Summer at Renfrew gives kids the chance to go Nose to Nose

July 20, 2006|by JENNIFER FITCH

WAYNESBORO, Pa. - The summer day camp experience has come to Renfrew Park for the first time as Renfrew Institute expands its school-year offerings.

The Summer Institute Day Camp, which ends Friday, has provided a dozen participants in grades 4 to 6 with education in history and environmentalism, while also affording them time to just have fun.

"The kids really seem to be enjoying themselves," Sherry Hesse of Renfrew Institute said.

While the day camp wraps up, other children's programs are on tap for the summer, including heritage crafts workshops, "Nose to Nose with Nature" and summer storytime.

Eight children in the nature program on Wednesday examined tree bark and grass with magnifying glasses. They built fairy houses with construction materials found in nature during the first week.


Next Wednesday they will be focusing on the water in the Antietam Creek, Melodie Anderson-Smith of Renfrew Institute said.

"We will be getting in the creek, so bring creek shoes," Anderson-Smith said.

"It's kind of a light, fun program for kids to explore," Hesse said. The Nose to Nose with Nature sessions cost $3 a child and run from 9:30 to 11 a.m., she said.

Heritage crafts workshops are scheduled for Monday through Friday next week, with classes featuring piercing tin, quilting, woodworking, pottery and basketry. The deadline to register for the sessions has been extended to Friday, July 21.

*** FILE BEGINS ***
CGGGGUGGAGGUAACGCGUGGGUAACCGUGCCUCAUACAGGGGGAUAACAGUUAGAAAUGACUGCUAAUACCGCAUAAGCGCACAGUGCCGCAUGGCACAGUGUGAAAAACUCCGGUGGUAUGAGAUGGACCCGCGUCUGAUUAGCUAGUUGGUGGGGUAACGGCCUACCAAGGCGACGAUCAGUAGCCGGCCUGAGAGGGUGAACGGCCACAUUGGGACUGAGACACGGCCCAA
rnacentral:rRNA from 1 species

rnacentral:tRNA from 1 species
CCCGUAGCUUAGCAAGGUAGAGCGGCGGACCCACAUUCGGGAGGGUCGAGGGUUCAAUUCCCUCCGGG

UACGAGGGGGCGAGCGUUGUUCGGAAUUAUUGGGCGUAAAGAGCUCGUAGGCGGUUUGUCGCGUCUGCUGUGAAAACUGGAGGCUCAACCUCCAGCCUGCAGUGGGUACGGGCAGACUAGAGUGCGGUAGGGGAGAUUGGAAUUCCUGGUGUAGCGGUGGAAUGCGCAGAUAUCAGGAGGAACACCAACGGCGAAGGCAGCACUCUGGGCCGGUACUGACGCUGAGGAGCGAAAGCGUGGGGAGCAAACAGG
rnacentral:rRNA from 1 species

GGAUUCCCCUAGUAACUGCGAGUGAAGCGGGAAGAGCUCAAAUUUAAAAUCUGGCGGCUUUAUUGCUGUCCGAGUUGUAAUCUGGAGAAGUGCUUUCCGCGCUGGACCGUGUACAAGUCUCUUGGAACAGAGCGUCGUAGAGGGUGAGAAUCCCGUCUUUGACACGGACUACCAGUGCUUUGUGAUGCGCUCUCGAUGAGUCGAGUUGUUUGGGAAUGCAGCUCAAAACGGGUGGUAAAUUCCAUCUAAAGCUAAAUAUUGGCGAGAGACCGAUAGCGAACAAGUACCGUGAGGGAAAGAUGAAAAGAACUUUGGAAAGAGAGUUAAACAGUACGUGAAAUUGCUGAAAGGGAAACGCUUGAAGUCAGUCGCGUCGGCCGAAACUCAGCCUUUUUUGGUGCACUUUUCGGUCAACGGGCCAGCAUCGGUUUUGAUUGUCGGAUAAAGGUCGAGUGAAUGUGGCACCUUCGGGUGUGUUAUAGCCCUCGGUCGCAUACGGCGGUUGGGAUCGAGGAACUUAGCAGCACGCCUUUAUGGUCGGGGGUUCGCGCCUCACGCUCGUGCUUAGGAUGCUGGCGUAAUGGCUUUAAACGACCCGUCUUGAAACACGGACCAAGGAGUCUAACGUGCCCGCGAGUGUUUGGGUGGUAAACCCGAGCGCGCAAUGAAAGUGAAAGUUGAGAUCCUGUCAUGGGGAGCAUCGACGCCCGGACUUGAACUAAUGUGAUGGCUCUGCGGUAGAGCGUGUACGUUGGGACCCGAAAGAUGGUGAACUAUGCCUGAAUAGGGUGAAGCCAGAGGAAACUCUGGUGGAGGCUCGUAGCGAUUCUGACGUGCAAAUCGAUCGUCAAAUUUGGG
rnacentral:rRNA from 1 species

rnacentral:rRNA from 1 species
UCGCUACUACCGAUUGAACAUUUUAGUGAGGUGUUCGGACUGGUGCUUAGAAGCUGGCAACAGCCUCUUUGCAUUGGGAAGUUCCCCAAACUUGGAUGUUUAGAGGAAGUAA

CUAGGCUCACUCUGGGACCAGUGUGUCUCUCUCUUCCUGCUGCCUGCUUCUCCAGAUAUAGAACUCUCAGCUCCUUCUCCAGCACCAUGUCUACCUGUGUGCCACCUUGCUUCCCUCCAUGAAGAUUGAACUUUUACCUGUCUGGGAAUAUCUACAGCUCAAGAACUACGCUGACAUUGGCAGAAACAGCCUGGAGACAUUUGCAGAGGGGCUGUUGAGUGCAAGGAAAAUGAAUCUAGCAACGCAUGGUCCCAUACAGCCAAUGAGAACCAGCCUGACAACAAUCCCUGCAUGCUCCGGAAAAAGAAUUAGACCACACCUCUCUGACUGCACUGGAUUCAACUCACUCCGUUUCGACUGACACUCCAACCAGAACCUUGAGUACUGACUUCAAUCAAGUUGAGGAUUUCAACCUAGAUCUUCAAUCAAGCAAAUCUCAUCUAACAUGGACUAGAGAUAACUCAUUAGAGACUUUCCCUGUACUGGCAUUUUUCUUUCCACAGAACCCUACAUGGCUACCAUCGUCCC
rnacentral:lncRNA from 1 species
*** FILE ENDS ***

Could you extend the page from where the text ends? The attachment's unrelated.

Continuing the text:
The base fee for the workshops is $25, with some classes carrying an additional materials fee.

Renfrew Institute hopes to expand its summer offerings next year by adding classes and opening them to more grades, Hesse said.

"Our board of directors encouraged us to go in that direction. We wanted to offer something new that would tie into our mission," she said.

The Summer Institute Day Camp children have seemingly enjoyed netting critters in the stream and "magic spots" the best, according to Hesse.

The "magic spots" afford the children quiet time under a tree or with toes dipped in the water to read, write poetry or think, she said.

"The good, old getting wet in the stream was fun, too," Hesse said Wednesday as the youngsters prepared to build a log house big enough to enter.

The Waynesboro Area Community Prevention Collaborative provided five full scholarships for the $160 day camp tuition.

"They have really bonded as a group and made new friends," Hesse said.

The final Children's Summer Stories session is scheduled for 1 p.m. Tuesday, July 25. The free session encourages children to gather under a tree near the visitors center to listen to stories.

For more information or to register for any of Renfrew Institute's summer programs, call 717-762-0373.

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